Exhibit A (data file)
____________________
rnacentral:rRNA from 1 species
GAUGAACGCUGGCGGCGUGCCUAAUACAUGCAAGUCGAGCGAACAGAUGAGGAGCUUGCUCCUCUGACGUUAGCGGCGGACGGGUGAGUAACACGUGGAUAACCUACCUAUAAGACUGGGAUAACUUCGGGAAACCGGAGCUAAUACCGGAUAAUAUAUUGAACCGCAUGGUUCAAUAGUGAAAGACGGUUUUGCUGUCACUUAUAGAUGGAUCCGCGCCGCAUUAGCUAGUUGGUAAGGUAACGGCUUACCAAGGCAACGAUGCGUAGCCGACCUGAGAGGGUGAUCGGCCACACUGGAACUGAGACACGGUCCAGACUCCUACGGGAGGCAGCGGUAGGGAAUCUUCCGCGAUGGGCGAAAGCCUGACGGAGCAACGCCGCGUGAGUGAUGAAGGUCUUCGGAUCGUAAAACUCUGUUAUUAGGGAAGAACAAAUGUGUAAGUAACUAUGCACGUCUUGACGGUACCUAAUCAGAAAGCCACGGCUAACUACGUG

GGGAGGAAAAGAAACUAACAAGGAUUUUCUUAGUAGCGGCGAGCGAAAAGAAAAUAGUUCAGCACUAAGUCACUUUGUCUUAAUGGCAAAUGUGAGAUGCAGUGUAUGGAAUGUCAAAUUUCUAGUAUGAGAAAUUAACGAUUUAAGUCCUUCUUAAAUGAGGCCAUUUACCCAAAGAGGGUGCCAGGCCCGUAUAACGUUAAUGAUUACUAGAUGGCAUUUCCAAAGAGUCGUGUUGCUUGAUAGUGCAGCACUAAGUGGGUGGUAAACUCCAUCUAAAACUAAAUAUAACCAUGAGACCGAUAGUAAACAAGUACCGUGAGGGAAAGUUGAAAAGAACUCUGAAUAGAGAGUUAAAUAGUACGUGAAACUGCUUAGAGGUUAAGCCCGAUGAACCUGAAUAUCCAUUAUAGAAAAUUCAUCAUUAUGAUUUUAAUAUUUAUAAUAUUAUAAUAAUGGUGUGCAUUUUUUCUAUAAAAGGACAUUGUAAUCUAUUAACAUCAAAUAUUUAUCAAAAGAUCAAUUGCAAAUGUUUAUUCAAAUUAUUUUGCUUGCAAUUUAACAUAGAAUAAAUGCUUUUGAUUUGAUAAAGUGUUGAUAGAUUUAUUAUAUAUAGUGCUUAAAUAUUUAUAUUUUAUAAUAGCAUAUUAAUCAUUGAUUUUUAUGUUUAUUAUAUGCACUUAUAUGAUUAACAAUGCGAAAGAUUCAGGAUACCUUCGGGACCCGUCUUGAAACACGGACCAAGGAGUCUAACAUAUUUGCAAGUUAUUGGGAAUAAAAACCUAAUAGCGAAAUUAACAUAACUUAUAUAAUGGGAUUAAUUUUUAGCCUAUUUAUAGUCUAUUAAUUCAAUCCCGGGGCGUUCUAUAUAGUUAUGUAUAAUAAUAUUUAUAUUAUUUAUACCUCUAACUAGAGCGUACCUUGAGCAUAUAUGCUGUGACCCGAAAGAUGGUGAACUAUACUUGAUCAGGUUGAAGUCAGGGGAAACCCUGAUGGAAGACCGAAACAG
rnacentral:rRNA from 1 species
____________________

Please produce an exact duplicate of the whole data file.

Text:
rnacentral:rRNA from 1 species
GAUGAACGCUGGCGGCGUGCCUAAUACAUGCAAGUCGAGCGAACAGAUGAGGAGCUUGCUCCUCUGACGUUAGCGGCGGACGGGUGAGUAACACGUGGAUAACCUACCUAUAAGACUGGGAUAACUUCGGGAAACCGGAGCUAAUACCGGAUAAUAUAUUGAACCGCAUGGUUCAAUAGUGAAAGACGGUUUUGCUGUCACUUAUAGAUGGAUCCGCGCCGCAUUAGCUAGUUGGUAAGGUAACGGCUUACCAAGGCAACGAUGCGUAGCCGACCUGAGAGGGUGAUCGGCCACACUGGAACUGAGACACGGUCCAGACUCCUACGGGAGGCAGCGGUAGGGAAUCUUCCGCGAUGGGCGAAAGCCUGACGGAGCAACGCCGCGUGAGUGAUGAAGGUCUUCGGAUCGUAAAACUCUGUUAUUAGGGAAGAACAAAUGUGUAAGUAACUAUGCACGUCUUGACGGUACCUAAUCAGAAAGCCACGGCUAACUACGUG

GGGAGGAAAAGAAACUAACAAGGAUUUUCUUAGUAGCGGCGAGCGAAAAGAAAAUAGUUCAGCACUAAGUCACUUUGUCUUAAUGGCAAAUGUGAGAUGCAGUGUAUGGAAUGUCAAAUUUCUAGUAUGAGAAAUUAACGAUUUAAGUCCUUCUUAAAUGAGGCCAUUUACCCAAAGAGGGUGCCAGGCCCGUAUAACGUUAAUGAUUACUAGAUGGCAUUUCCAAAGAGUCGUGUUGCUUGAUAGUGCAGCACUAAGUGGGUGGUAAACUCCAUCUAAAACUAAAUAUAACCAUGAGACCGAUAGUAAACAAGUACCGUGAGGGAAAGUUGAAAAGAACUCUGAAUAGAGAGUUAAAUAGUACGUGAAACUGCUUAGAGGUUAAGCCCGAUGAACCUGAAUAUCCAUUAUAGAAAAUUCAUCAUUAUGAUUUUAAUAUUUAUAAUAUUAUAAUAAUGGUGUGCAUUUUUUCUAUAAAAGGACAUUGUAAUCUAUUAACAUCAAAUAUUUAUCAAAAGAUCAAUUGCAAAUGUUUAUUCAAAUUAUUUUGCUUGCAAUUUAACAUAGAAUAAAUGCUUUUGAUUUGAUAAAGUGUUGAUAGAUUUAUUAUAUAUAGUGCUUAAAUAUUUAUAUUUUAUAAUAGCAUAUUAAUCAUUGAUUUUUAUGUUUAUUAUAUGCACUUAUAUGAUUAACAAUGCGAAAGAUUCAGGAUACCUUCGGGACCCGUCUUGAAACACGGACCAAGGAGUCUAACAUAUUUGCAAGUUAUUGGGAAUAAAAACCUAAUAGCGAAAUUAACAUAACUUAUAUAAUGGGAUUAAUUUUUAGCCUAUUUAUAGUCUAUUAAUUCAAUCCCGGGGCGUUCUAUAUAGUUAUGUAUAAUAAUAUUUAUAUUAUUUAUACCUCUAACUAGAGCGUACCUUGAGCAUAUAUGCUGUGACCCGAAAGAUGGUGAACUAUACUUGAUCAGGUUGAAGUCAGGGGAAACCCUGAUGGAAGACCGAAACAG
rnacentral:rRNA from 1 species